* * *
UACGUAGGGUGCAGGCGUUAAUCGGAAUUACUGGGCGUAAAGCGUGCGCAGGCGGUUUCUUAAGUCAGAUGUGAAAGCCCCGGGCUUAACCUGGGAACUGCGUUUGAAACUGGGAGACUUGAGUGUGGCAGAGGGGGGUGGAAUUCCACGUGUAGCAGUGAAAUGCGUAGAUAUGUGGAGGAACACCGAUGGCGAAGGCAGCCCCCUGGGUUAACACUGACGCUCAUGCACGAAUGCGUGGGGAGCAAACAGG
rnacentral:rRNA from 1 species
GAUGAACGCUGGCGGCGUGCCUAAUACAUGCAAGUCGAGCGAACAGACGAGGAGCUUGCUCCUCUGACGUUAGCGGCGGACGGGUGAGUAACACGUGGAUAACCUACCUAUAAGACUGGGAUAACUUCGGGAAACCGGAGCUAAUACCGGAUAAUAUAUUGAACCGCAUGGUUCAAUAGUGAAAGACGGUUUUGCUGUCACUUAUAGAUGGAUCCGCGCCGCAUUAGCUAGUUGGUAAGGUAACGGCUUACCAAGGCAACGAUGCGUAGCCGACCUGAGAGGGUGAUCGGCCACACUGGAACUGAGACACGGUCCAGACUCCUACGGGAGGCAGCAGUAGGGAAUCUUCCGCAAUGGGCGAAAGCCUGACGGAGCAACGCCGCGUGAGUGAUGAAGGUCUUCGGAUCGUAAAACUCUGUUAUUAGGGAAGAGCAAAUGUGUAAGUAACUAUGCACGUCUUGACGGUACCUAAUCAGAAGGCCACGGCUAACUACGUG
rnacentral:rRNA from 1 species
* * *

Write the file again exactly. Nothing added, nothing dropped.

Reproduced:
UACGUAGGGUGCAGGCGUUAAUCGGAAUUACUGGGCGUAAAGCGUGCGCAGGCGGUUUCUUAAGUCAGAUGUGAAAGCCCCGGGCUUAACCUGGGAACUGCGUUUGAAACUGGGAGACUUGAGUGUGGCAGAGGGGGGUGGAAUUCCACGUGUAGCAGUGAAAUGCGUAGAUAUGUGGAGGAACACCGAUGGCGAAGGCAGCCCCCUGGGUUAACACUGACGCUCAUGCACGAAUGCGUGGGGAGCAAACAGG
rnacentral:rRNA from 1 species
GAUGAACGCUGGCGGCGUGCCUAAUACAUGCAAGUCGAGCGAACAGACGAGGAGCUUGCUCCUCUGACGUUAGCGGCGGACGGGUGAGUAACACGUGGAUAACCUACCUAUAAGACUGGGAUAACUUCGGGAAACCGGAGCUAAUACCGGAUAAUAUAUUGAACCGCAUGGUUCAAUAGUGAAAGACGGUUUUGCUGUCACUUAUAGAUGGAUCCGCGCCGCAUUAGCUAGUUGGUAAGGUAACGGCUUACCAAGGCAACGAUGCGUAGCCGACCUGAGAGGGUGAUCGGCCACACUGGAACUGAGACACGGUCCAGACUCCUACGGGAGGCAGCAGUAGGGAAUCUUCCGCAAUGGGCGAAAGCCUGACGGAGCAACGCCGCGUGAGUGAUGAAGGUCUUCGGAUCGUAAAACUCUGUUAUUAGGGAAGAGCAAAUGUGUAAGUAACUAUGCACGUCUUGACGGUACCUAAUCAGAAGGCCACGGCUAACUACGUG
rnacentral:rRNA from 1 species